SHADOW OF THE FALL Book Review

Advanced News, New York. Article for the release of The Long Path.

The Long Path Advanced News article

​Everybody Loves Good Press

Author Aaron Brownell at the 2014 London Book Festival
London Book Festival Winner Currier Observer news article

The Courier Observer, New York, February, 2015. News article regarding the Grand Prize win at the 2014 London Book Festival.

​Press and Media Releases

LONDON BOOK FESTIVAL NAMES “PROGRESSION: A SARA GREY TALE” FOR TOP HONORS

LONDON_ The story of a female vampire who runs an international business empire is the grand prize winner of the 2014 London Book Festival, which honors the best of international publishing.

The vivid descriptions and tremendous characterizations by Brownell brings new life to a genre that’s often stale, creating a strong series that should win greater attention from the publishing community in many countries. You can learn more about this great honor at: www.londonbookfestival.com 

Shadow of the Fall: A Novel
by Aaron T. Brownell
iUniverse
book review by Michelle Jacobs

"The collapse of the Cold War and its replacement with a state of unchecked terrorism was good for his business."

Adrian Bequiri is an arms dealer brokering old Soviet nuclear weapons for a man who has masterminded a plan to detonate the nukes in America’s heartland. Using the nation's porous ports as entry points, Chicago will become ground zero unless Dr. Kristin Hughes, her Nuclear Emergency Search Team, and government intelligence can locate and disable the terrorist's bombs before it is too late.

Brownell’s full-throttle thriller introduces a compelling heroine in the first pages of this gripping blockbuster, and the reader is immediately immersed in the action. Though Kristin claims she is “not Jane Bond,” despite a reputation for taking on dangerous side projects, the first few pages feel like the best of the James Bond opening movie scenes with the hero already in action.

Kristin is a study in contrasts: defusing bombs in a bikini top, “more surfer girl than scientist,” but highly regarded and sought after when worldwide emergencies arise—even when she is trying to enjoy a beachside vacation. Her skills are on full display from the opening chapter to the closing scene, and readers will enjoy going along for the ride as she matches wits with terrorists bent on blowing up bits of America and shaking the power structure of the planet.

Brownell’s villain is a terrorist seeking chaos and destruction with plenty of helpers along the way that reveal the intricate networks that allow terrorists to operate undetected. Some are motivated by money, while others are motivated by hate for America and a deep belief in bringing the beast to its knees while creating a new world order. The pacing is spot-on as Brownell tracks the action from the arms dealer’s acquisition of the nuclear bombs to the weapons' movement through the ports and across the Atlantic in shipping containers. Alongside the action of the terrorist’s network, United States intelligence picks up the trail that begins with an intercepted call and doesn’t let up until the grand finale on the docks in Chicago. Furious reading ensues with brow wiping, cold sweats, and nail biting, all with eyes aghast as the nuclear countdown tick tocks across the pages.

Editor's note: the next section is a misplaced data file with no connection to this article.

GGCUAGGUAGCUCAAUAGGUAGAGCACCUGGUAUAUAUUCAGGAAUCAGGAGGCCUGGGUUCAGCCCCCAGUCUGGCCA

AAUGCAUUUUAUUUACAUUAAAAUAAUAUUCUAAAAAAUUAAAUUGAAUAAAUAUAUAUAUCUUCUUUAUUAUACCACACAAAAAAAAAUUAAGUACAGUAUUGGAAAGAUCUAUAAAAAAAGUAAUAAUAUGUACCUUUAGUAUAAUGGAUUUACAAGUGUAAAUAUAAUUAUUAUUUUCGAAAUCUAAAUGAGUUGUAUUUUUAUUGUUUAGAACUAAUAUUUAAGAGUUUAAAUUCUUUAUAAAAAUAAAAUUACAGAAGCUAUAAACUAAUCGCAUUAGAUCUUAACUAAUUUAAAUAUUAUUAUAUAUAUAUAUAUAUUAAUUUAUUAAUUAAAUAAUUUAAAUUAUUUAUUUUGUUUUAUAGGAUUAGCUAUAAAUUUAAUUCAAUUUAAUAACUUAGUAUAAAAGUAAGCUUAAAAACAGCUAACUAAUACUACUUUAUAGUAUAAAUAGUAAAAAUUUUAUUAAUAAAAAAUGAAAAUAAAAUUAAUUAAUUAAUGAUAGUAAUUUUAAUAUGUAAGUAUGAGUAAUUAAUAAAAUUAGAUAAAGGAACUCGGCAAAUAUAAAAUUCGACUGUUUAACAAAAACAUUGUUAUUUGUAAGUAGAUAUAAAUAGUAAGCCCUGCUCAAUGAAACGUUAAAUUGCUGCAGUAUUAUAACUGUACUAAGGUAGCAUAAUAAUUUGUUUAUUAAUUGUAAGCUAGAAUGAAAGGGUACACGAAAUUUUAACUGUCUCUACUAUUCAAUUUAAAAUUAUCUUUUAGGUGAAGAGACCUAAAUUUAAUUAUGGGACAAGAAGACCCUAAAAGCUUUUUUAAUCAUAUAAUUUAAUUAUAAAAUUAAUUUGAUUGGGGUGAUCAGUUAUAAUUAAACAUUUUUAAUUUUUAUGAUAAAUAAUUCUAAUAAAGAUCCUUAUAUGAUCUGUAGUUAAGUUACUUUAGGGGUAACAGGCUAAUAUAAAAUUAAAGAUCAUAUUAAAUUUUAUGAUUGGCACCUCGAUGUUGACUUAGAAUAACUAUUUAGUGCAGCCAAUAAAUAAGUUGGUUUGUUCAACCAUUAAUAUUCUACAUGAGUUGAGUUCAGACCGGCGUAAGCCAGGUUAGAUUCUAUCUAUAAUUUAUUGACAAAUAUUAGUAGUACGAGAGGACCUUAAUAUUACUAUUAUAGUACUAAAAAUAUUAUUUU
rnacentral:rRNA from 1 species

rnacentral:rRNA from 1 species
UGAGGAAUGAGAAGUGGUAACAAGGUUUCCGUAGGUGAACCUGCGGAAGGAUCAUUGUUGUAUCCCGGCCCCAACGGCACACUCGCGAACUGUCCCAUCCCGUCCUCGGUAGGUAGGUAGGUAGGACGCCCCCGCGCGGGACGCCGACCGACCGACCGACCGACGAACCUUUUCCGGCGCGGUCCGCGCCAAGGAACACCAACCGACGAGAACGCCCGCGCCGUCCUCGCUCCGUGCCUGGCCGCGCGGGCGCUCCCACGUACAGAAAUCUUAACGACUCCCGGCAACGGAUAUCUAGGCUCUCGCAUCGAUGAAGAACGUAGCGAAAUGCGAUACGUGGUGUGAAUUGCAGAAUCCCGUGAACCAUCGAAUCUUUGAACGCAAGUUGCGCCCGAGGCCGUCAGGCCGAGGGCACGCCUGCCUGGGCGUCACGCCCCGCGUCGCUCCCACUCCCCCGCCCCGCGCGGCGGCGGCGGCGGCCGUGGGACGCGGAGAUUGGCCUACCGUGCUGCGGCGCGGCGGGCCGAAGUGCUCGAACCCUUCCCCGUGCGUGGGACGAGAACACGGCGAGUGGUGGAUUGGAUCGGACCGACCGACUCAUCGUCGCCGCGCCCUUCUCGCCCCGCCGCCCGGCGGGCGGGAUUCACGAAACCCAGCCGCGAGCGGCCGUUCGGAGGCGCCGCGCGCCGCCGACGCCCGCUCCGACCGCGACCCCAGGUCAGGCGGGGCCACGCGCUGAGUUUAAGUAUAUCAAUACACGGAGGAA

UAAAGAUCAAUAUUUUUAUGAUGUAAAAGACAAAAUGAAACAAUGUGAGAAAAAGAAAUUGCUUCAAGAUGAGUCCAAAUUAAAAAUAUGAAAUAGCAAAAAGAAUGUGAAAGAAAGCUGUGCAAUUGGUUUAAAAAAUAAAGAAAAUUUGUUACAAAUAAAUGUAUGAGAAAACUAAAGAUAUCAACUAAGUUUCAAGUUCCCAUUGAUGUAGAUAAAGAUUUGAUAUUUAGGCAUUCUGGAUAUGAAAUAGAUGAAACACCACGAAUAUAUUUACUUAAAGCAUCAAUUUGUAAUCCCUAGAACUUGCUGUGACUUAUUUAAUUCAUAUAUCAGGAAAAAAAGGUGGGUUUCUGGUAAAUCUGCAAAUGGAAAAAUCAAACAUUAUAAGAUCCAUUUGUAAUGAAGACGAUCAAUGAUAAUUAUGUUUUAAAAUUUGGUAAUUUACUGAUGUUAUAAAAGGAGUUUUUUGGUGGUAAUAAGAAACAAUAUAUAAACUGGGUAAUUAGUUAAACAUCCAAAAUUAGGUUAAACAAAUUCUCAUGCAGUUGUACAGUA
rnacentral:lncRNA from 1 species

With echoes of Mission: Impossible’s heart-pounding cinematic suspense and Tom Clancy’s bestsellers, Brownell delivers a stellar take on global brinkmanship in the 21st century. An effective blend of realism, intensity, and entertaining race-the-clock action combine to create a satisfying story. In addition to the well-developed heroine and villain, several minor characters add depth and complexity to this timely examination of terrorism whose effects are horrifying but clearly known: death and destruction. The causes, however, are more obscure and multi-faceted. Brownell attempts to expose some of these possible causes through minor characters like the Pakistani scientists hired by the mastermind to handle the Soviet-era nuclear bombs. More than “expendable martyrs,” the scientists offer an opportunity to consider the weight of bitterness and revenge as well as the relief of forgiveness and peace. Some of the other players involved in the terrorist plot are motivated by simpler things like money and the business model of supply and demand. In the world Brownell imagines, which may be too close to reality, the supply happens to be nukes, and the demand is for destruction.

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